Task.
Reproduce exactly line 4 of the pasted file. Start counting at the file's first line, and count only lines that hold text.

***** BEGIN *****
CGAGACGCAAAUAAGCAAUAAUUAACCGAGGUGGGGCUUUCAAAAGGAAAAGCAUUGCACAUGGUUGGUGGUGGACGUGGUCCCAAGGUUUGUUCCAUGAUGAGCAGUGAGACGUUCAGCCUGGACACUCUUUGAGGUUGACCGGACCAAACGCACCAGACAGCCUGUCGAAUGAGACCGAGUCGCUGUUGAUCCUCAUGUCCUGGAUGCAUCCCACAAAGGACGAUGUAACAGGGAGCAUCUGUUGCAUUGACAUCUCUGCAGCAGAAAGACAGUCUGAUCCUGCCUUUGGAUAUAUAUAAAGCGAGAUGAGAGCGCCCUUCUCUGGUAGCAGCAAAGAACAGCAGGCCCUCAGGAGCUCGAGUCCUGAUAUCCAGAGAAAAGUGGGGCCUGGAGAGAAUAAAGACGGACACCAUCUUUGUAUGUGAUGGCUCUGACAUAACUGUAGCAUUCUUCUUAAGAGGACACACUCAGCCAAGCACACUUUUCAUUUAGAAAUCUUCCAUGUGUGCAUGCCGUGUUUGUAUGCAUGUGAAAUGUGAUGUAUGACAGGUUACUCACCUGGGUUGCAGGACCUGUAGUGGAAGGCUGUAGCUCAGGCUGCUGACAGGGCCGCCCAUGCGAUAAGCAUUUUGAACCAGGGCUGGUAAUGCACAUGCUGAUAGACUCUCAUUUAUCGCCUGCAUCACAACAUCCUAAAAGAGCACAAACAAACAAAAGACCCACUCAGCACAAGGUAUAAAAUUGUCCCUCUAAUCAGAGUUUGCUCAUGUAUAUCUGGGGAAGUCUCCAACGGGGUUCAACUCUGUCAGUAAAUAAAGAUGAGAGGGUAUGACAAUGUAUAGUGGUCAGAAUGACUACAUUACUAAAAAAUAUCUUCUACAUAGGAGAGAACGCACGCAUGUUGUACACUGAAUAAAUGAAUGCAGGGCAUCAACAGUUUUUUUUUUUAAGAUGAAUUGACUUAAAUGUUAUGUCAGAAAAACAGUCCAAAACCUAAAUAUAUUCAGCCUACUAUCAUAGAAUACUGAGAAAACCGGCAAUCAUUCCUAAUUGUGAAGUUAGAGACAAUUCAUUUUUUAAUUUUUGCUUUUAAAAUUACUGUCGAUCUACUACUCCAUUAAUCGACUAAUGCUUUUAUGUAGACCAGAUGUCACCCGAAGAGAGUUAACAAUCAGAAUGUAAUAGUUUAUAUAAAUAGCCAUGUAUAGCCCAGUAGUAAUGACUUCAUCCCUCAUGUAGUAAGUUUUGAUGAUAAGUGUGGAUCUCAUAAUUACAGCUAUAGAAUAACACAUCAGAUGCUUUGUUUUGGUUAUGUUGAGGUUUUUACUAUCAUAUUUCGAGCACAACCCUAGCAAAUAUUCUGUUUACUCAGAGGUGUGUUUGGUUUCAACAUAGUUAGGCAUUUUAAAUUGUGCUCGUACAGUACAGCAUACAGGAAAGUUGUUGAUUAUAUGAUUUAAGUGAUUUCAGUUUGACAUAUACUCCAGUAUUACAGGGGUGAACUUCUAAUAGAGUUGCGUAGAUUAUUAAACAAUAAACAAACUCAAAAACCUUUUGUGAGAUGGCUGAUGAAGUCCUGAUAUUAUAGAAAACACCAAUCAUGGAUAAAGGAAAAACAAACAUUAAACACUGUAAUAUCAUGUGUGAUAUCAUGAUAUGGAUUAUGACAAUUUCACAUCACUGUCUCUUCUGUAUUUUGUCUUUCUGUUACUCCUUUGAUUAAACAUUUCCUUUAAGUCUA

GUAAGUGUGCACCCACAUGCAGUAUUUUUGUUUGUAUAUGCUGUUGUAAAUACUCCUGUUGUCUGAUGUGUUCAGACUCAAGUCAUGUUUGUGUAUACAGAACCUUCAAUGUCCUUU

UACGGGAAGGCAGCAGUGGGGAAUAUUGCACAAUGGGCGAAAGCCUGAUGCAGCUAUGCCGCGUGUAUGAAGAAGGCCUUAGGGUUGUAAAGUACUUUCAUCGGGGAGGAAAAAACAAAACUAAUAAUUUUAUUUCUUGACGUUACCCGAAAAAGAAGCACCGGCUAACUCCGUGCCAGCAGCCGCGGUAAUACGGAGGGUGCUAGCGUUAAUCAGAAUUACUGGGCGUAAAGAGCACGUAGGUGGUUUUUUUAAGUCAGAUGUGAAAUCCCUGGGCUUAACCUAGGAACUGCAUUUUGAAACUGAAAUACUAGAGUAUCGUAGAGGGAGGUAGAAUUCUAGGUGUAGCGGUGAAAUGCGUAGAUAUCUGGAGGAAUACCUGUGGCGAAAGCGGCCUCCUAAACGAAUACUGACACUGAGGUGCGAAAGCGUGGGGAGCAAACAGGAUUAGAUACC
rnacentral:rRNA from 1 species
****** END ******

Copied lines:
rnacentral:rRNA from 1 species